projects and ;one for education. This shift in emphasis reflects both the
success of our earlier lending- in meeting the most crucial infrastructural
needs, and the increased opportunity for agricultural lending brought
about in part by improved sectoral knowledge and research findings, and the
heavier emphasis on agriculture in the Government's own priorities. While
it is expected that the emphasis of our future.lending will be placed on
agriculture-and supporting activities in manpower development, marketing,
credit, and, transportation, some financing of infrastructure benefitting the
urban areas will continue.

7. Through our lending we have made a significant contribution to the


government's effort at institution building.- The' Imperial Board -of Telecom-
munications of Ethiopia, the Imperial Highway Authority, and the Ethiopian
Electric Light- and Power Authority are three such institutions where our
assistance has.played a major role. The borrower of this proposed.loan,
the Addis Ababa Water and Sewerage.Authority is the result of institutional
reforms based- on studies financed from a technical assistance grant by the
Bank, followed by extensive discussions between the Bank and the Ethiopian
authorities.

8. Other lending proposals for Ethiopia which are likely to be ready


for presentation to the Executive Directors -during calendar 1972 are a
development'finance company project, a road development project, a livestock
project, and an irrigation;project. The .proposed road development.project
is expected to make a significant contribution -to increasing agricultural
output of the regions to be served by the roads. The proposed development
finance company project will.also contain a large component for agricultural
credit.

9. Duz'ing 1966-70 the'.Bank and IDA-were the largest source o'f official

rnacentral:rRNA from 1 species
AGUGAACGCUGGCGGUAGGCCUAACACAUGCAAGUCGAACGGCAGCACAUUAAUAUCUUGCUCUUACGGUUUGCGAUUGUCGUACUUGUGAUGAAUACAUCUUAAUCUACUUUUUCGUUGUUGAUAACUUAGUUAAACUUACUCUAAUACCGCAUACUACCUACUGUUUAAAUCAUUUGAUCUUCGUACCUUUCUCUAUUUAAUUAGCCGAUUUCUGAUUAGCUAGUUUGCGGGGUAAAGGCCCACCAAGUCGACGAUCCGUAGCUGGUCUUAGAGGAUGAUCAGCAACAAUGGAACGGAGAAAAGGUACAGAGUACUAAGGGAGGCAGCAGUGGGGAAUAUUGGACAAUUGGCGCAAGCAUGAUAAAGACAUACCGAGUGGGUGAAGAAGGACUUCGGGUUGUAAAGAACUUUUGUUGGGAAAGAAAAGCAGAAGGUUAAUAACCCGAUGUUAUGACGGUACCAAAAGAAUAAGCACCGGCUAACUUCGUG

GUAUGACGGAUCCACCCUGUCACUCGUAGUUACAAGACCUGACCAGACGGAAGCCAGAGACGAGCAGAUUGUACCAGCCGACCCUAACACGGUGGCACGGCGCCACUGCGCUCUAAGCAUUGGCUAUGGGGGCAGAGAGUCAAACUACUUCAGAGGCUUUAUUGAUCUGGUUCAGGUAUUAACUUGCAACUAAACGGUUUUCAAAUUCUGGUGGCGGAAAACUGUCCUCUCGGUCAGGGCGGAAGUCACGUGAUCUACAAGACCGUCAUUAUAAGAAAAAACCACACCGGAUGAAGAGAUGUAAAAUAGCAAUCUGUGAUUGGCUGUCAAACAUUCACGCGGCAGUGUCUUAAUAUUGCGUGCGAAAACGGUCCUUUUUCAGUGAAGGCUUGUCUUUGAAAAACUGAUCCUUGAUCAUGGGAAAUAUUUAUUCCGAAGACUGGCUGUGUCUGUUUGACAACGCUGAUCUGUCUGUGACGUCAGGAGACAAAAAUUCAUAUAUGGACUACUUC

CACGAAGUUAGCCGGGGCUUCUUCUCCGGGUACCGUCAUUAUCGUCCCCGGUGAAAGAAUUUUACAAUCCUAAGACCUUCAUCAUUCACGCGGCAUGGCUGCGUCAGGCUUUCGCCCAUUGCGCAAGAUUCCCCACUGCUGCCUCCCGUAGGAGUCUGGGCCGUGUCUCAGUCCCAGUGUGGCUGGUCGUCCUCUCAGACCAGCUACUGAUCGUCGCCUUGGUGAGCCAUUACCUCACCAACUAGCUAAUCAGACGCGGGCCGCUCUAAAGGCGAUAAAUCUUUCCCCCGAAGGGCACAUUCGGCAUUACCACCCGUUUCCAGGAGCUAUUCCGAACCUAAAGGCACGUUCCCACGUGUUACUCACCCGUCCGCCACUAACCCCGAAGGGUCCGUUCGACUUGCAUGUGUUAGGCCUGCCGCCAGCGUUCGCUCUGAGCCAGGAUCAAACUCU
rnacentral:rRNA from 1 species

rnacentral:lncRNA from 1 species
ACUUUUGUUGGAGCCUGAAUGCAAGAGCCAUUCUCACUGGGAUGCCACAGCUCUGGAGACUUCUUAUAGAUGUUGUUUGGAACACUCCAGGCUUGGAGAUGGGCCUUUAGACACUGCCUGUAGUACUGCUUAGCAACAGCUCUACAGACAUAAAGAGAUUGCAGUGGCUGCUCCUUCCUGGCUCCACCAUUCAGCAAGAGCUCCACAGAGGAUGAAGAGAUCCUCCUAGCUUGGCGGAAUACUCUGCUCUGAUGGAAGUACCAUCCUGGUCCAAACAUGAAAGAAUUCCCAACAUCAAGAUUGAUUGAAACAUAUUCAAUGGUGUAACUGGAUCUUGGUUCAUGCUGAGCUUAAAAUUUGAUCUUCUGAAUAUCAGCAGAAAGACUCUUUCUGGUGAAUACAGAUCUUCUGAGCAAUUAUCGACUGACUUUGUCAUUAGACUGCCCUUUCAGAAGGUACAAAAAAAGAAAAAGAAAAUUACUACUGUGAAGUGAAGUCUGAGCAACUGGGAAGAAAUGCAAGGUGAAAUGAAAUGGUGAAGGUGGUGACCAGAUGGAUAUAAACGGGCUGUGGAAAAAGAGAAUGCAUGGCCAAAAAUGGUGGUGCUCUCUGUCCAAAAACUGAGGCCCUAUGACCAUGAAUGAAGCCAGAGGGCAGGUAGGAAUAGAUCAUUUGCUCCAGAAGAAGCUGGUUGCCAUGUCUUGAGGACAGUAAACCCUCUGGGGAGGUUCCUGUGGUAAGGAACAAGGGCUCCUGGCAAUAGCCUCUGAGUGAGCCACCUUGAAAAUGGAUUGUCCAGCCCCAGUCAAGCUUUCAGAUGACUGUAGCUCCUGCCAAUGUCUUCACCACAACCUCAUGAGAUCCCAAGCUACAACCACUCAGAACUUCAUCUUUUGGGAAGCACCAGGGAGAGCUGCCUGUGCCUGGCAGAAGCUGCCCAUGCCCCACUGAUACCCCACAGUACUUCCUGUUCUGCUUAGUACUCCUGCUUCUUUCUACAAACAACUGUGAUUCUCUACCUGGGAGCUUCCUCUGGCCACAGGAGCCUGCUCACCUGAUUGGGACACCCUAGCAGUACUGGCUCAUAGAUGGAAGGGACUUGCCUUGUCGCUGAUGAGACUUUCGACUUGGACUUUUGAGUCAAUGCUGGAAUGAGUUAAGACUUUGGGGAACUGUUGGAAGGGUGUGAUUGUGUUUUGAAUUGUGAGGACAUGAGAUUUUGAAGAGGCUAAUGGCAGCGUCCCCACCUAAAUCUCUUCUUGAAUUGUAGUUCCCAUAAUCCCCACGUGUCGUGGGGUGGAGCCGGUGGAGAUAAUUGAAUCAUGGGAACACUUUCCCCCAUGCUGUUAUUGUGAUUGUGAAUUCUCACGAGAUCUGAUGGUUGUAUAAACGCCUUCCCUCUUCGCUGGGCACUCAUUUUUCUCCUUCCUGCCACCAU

loans, contributing .36% -of -gross inflows. A summary of recent external
assistance to Ethiopia by source and by sectors.can-be seen at Annex II.
IBRD's share of the total debt outstanding excluding undisbursed amounts has
decreased from 34% in 1965 to 31% in 1971, and due to an expected softer
blend in Bank Group lending to Ethiopia-, IBRD's share of total outstanding
debt will continue to decrease.
-3-

10. There are no particular disbursement problems except for the


1963 Credit (35-ET)and the 1968 combined Loan (523-ET) and Credit (11-ET)
for highways. The remaining $700,000 of the 1963 Credit cannot be fully
disbursed until the Government and contractors have concluded arbitration
proceedings arising out of claims concerning completed road construction.
The arbitration proceedings appear to be progressing in an orderly manner.
The delay in disbursement of the 1968 Loan and Credit resulted from slow
progress in the preparation of acceptable tender documents and contractor
prequalification. The small number of responses to the first tender re-
quired a second tender with some changed conditions. Contracts were
finally signed in July and August 1969 and work is now proceeding normally.

11. The International Finance Corporation (IPC) has committed US$3.1


million to the Cotton Company of Ethiopia, US$1.0 million to the Ethiopian
Pulp and Paper Company and US$9.0 million to the HVA Metahara sugar-growing
and milling project. After deducting amounts taken up by sub-subscribers,
3ales from portfolio and principal repayments, the IFC now holds US$10.3
million for its own account.

PART III - THE PROJECT

12. Ethiopia is well endowed with water but the population is widely
dispersed in the country which makes the provision of community water
supplies difficult. The urban population is approximately 10% or about
2.4 million persons, about half of whom live in the two principal cities
of Addis Ababa (850,000) and Asmara (230,000), and the balance in some
250 communities scattered throughout the country. The rate of movement
from rural to urban areas is expected to increase. While the overall
annual rate of increase of population is about 2.5%, the rate for the
urban population is about 6.5%. At this rate the present urban population
would increase by more than two and a half times to around 6 million in
1985.

13. Due to low incomes, poor housing standards and inadequate distri-